The interesting point to be stressed here is that Job has said clearly that he sees no vindication in this life, that he is going to die. But he knows he will be vindicated, and even though he will die, his vindicator lives. The dilemma remains though: his distress lay in God’s hiding his face from him, and his vindication lay only in beholding God in peace.
    :cool:
     
  4. Evangelion

    Evangelion <b><font size="2">δυνατός</b></font>

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    From the Jamieson-Faussett-Brown Commentary:

    • The idea in "redeemer" with Job is Vindicator (Job_16:19; Num_35:27), redressing his wrongs; also including at least with us, and probably with him, the idea of the predicted Bruiser of the serpent's head. Tradition would inform him of the prediction.

      FOSTER shows that the fall by the serpent is represented perfectly on the temple of Osiris at Philæ; and the resurrection on the tomb of the Egyptian Mycerinus, dating four thousand years back. Job's sacrifices imply sense of sin and need of atonement. Satan was the injurer of Job's body; Jesus Christ his Vindicator, the Living One who giveth life (Joh_5:21, Joh_5:26).
    :cool:
     
  5. Evangelion

    Evangelion <b><font size="2">δυνατός</b></font>

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    The New American Bible renders Job 19:25 in the following way:

    • But as for me, I know that my Vindicator lives, and that he will at last stand forth upon the dust;
    :cool:
     
  6. Evangelion

    Evangelion <b><font size="2">δυνατός</b></font>

    +0
    From Vincent's Word Studies, on Matthew 16:

    • God was the God of the dead as well as of the living; present in the dark chambers of Sheol as well as in heaven (Psa_139:8; Psa_16:10). This is the underlying thought of that most touching and pathetic utterance of Job (Job_14:13-15), in which he breathes the wish that God would hide him with loving care in Hades, as a place of temporary concealment, where he will wait patiently, standing like a sentinel at his post, awaiting the divine voice calling him to a new and happier life. This, too, is the thought of the familiar and much-disputed passage, Job_19:23-27. His Redeemer, vindicator, avenger, shall arise after he shall have passed through the shadowy realm of Sheol.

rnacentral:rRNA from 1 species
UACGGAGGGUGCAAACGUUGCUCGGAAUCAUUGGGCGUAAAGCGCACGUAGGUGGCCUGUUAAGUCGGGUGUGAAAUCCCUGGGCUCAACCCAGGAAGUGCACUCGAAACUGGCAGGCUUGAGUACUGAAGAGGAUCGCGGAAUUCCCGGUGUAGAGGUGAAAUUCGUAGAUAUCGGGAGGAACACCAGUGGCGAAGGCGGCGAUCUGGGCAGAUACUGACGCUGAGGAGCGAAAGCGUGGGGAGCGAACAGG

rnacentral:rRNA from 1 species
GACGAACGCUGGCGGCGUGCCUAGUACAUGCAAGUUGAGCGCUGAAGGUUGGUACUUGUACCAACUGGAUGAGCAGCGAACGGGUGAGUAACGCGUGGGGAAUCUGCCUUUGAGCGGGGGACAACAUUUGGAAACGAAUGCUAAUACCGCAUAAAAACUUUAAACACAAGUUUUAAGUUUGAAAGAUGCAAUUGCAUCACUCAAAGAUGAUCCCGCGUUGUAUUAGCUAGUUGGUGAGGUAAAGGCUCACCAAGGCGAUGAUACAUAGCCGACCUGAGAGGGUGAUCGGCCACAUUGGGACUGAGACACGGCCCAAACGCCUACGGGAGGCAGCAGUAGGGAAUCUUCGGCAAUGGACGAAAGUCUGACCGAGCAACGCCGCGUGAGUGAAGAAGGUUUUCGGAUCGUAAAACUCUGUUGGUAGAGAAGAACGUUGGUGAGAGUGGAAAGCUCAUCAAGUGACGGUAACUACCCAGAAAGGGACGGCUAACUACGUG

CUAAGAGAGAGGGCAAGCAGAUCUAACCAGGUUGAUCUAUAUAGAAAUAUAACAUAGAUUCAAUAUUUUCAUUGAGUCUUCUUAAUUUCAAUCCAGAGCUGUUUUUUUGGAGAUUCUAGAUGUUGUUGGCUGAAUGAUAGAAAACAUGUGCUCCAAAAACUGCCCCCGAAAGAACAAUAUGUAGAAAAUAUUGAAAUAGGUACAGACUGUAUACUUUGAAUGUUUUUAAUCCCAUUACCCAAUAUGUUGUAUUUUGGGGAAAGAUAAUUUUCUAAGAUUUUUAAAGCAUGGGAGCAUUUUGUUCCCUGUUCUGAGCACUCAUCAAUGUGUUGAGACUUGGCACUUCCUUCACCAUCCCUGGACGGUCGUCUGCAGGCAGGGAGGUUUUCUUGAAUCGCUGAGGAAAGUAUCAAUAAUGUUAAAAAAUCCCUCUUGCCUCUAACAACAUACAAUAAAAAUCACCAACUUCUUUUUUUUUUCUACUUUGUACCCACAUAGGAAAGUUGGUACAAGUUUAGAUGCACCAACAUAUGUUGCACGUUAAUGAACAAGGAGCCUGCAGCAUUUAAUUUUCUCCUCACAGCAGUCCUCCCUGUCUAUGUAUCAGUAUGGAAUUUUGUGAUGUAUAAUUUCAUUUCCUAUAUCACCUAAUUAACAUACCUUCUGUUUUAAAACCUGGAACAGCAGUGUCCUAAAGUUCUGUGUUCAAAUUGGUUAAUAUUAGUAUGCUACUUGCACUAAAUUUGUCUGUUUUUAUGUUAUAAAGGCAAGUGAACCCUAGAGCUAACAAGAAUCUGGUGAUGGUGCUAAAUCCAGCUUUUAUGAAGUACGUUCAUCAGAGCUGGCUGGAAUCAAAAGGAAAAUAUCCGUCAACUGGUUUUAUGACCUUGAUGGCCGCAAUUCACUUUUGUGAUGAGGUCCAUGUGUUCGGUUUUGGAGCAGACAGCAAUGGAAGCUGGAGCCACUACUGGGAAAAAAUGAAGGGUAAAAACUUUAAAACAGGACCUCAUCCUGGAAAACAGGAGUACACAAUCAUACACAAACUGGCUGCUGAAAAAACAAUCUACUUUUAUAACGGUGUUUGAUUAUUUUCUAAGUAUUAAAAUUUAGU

“A judgment in Hades, in which the judge will show himself his friend, in which all the tangled skein of his life will be unravelled by wise and kindly hands, and the insoluble problem of his strange and self-contradicting experience will at last be solved - this is what Job still looks for on that happy day when he shall see God for himself, and find his Goel (vindicator) in that Almighty Deliverer” (Cox, “Commentary on the Book of Job”).
    :cool:
     
  7. Evangelion

    Evangelion <b><font size="2">δυνατός</b></font>

    +0
    From a Professor of Old Testament at Houghton College: